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updated: 10/29/2012 7:33 AM

New owner, new hope for Des Plaines shopping center

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  • "For Lease" signs at the Metropolitan Square Development in Des Plaines are reflective of the problems the center has suffered. A new owner is pushing to fill vacancies.

       "For Lease" signs at the Metropolitan Square Development in Des Plaines are reflective of the problems the center has suffered. A new owner is pushing to fill vacancies.
    JOE LEWNARD | Staff Photographer

  • "For Lease" signs at the Metropolitan Square Development in Des Plaines are reflective of the problems the center has suffered. A new owner is pushing to fill vacancies.

       "For Lease" signs at the Metropolitan Square Development in Des Plaines are reflective of the problems the center has suffered. A new owner is pushing to fill vacancies.
    JOE LEWNARD | Staff Photographer

  • This is the view from the parking garage at the Metropolitan Square Development in Des Plaines.

       This is the view from the parking garage at the Metropolitan Square Development in Des Plaines.
    JOE LEWNARD | Staff Photographer

 
 

"For Lease" signs abound in the once-prized crown jewel of Des Plaines' downtown, a stark reminder of the still struggling economy.

The new owner of Metropolitan Square, which emerged from foreclosure earlier this year, is trying to generate interest in the property that has seen a growing number of vacancies in recent years, including the departure of the Jimmy Buffett-themed Cheeseburger in Paradise.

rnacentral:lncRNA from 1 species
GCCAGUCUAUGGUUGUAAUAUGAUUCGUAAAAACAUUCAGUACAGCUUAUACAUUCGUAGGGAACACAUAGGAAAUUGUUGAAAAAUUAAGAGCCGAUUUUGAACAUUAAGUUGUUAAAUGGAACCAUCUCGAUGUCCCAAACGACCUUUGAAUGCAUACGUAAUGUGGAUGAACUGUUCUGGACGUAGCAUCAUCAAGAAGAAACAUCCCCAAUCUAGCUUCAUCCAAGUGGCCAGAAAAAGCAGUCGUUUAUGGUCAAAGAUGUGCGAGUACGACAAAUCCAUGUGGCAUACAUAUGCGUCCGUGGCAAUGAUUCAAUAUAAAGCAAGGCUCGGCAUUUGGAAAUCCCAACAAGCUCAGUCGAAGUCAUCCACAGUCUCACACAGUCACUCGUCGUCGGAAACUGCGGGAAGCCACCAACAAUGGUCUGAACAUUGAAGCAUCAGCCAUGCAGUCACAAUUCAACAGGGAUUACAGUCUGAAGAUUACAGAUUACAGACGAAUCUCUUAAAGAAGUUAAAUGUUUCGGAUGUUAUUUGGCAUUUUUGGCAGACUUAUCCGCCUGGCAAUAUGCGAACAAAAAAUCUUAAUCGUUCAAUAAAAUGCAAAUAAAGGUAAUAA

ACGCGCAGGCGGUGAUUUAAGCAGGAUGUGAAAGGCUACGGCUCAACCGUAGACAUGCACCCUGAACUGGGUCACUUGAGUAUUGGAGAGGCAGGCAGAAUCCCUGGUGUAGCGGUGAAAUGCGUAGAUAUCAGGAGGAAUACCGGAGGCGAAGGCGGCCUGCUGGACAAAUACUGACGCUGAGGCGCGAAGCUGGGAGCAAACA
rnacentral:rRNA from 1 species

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Other businesses, among them MBD Martial Arts Studio on Miner Street, have relocated to older buildings downtown seeking lower rents.

The shopping center, located north of Miner Street near Northwest Highway and Lee Street, opened in 2006 and today is anchored by Shop-N-Save -- covering a third of the total square footage and the center's biggest draw.

A handful of businesses remain, including a Potbelly Sandwich Shop and Panera Bread that generate the most foot traffic during lunch hour. Employees at non-destination storefronts, such as Hair Cuttery and Lee Nails Salon, say business has been down.

"We came in when there was a downturn," said Patrick Petrillo of Long Grove, whose family has been operating an Allstate Insurance office in Metropolitan Square since January. "We actually got a good rate for this place. Five doors down, the florist just moved out because the rent was too high."

Petrillo feels confident his business will survive because it's not one that relies on walk-in customers, though he admits foot traffic within the square could be better.

He said he has heard rumors of a bar coming in where the Cheeseburger in Paradise once stood, which could generate some buzz.

"I feel like this particular area is a pretty niche market," he said. "I feel like the location is good because there's a lot of different things here."

The distressed Metropolitan Square property was acquired by Austin-based World Class Capital Group, LLC, in May for about $6.5 million. The loan outstanding on the property was $17 million.

Nate Paul, president and CEO of World Class, said he expects new businesses to open soon. The company is soliciting groups who in the past expressed interest but were unable to make a deal with the previous property manager, he added.